Cybersecurity awareness: The next Olympic sport?

By Jenny L. Holmes

As if athletes traveling to Beijing in the coming weeks for the 2022 Winter Olympic Games did not have enough to worry about, they are now cautioned to use burner telephones and create separate email accounts while in China.

All athletes, coaches, attendees, and media are required to use the My2022 app for daily COVID-19 monitoring. The application also will provide information about the Olympics, including news. All visitors to the Olympics must download the app at least 14 days prior to their departure for China. Foreign visitors will also need to upload sensitive information (reportedly already provided to the Chinese government), like passport details, travel history, and medical conditions.

However, multiple cybersecurity firms have cautioned that the app fails to provide adequate protection, including encryption, on many of its files and transmission weaknesses in the app’s software could lead to easy exploitation. These vulnerabilities, combined with China’s national data security laws—which do not offer the same protection of privacy and freedom as those in the Western Hemisphere—raise alarm bells for many traveling to the Games.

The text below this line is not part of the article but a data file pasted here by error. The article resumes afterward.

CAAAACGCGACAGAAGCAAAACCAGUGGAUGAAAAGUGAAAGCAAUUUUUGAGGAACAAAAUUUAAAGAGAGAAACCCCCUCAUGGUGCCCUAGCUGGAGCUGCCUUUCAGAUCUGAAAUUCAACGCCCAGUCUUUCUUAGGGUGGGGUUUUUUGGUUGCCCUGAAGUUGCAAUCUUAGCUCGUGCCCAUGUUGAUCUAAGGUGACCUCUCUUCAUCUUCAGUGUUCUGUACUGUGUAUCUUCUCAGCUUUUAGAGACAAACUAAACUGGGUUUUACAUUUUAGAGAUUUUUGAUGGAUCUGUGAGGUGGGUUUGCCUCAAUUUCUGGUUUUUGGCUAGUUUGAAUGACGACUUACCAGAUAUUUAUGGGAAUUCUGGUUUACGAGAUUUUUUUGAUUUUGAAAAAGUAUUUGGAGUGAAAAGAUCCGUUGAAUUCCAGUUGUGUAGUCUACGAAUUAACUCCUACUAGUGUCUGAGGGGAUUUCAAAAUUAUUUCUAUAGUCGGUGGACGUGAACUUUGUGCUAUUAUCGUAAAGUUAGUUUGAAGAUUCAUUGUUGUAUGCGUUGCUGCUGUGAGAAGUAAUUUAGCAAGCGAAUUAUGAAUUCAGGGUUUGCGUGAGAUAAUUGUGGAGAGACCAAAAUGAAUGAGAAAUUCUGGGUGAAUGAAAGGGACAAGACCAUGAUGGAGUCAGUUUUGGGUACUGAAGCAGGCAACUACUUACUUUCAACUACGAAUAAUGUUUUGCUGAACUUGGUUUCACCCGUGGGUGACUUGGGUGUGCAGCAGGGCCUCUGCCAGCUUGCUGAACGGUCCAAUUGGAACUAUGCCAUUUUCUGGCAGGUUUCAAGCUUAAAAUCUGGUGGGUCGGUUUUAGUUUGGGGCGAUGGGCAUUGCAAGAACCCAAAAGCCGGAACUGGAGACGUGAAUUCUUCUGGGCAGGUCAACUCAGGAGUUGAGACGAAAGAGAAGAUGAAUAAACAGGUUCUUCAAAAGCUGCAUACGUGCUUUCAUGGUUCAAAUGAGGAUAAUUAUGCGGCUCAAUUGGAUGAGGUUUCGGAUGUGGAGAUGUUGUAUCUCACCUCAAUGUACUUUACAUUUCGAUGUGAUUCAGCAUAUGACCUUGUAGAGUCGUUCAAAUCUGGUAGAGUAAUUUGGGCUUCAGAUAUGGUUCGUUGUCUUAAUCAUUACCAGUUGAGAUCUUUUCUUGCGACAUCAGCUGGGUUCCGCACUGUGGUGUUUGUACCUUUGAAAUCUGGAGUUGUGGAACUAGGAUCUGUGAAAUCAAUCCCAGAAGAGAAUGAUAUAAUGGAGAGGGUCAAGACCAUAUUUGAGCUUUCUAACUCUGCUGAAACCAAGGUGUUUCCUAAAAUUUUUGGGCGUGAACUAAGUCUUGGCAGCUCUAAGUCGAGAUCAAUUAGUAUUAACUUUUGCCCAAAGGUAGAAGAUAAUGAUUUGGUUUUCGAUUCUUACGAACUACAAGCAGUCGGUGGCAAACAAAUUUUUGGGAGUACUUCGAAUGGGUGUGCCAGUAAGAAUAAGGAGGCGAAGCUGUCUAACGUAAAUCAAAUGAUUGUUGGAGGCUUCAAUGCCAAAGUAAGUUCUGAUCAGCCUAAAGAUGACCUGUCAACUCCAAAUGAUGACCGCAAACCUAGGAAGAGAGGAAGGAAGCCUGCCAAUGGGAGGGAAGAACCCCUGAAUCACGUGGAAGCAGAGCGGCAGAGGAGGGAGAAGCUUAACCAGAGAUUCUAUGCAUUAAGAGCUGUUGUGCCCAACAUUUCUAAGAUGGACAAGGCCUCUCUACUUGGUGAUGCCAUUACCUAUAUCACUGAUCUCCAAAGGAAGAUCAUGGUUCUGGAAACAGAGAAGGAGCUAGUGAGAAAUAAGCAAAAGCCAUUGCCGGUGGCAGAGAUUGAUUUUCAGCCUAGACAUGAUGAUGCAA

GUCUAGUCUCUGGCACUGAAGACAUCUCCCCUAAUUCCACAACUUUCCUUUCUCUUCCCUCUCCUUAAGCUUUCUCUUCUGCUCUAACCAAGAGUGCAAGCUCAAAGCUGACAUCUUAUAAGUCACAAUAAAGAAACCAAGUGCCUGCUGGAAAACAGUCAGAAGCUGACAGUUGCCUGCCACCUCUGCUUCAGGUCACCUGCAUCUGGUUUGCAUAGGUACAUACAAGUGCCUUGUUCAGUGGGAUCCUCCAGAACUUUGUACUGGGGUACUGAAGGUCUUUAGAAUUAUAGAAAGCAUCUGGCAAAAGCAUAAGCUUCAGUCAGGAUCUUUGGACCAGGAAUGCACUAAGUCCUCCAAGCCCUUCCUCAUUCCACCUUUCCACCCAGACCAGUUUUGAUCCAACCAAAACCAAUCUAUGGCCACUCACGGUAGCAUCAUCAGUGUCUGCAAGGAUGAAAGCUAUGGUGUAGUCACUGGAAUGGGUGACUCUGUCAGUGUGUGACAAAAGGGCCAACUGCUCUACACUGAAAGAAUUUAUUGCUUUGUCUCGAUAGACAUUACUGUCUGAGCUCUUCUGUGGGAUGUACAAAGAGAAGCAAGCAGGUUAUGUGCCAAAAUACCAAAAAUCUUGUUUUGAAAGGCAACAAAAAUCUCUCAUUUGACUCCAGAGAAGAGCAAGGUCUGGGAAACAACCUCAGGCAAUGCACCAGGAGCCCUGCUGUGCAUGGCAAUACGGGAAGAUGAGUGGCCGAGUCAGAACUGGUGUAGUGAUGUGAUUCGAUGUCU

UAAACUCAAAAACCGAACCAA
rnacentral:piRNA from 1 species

One cybersecurity firm also found a “censorship keywords” list built into the app, allowing people to flag “politically sensitive” expressions. The list of keywords reportedly included the names of many Chinese leaders and references to the 1989 protest in Tiananmen Square.

So as athletes pack up their uniforms and equipment and prepare for their sport’s biggest stage, they should also prepare their online presence. After all, keeping up a strong cybersecurity awareness is a marathon, not a sprint.

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Jenny L. Holmes


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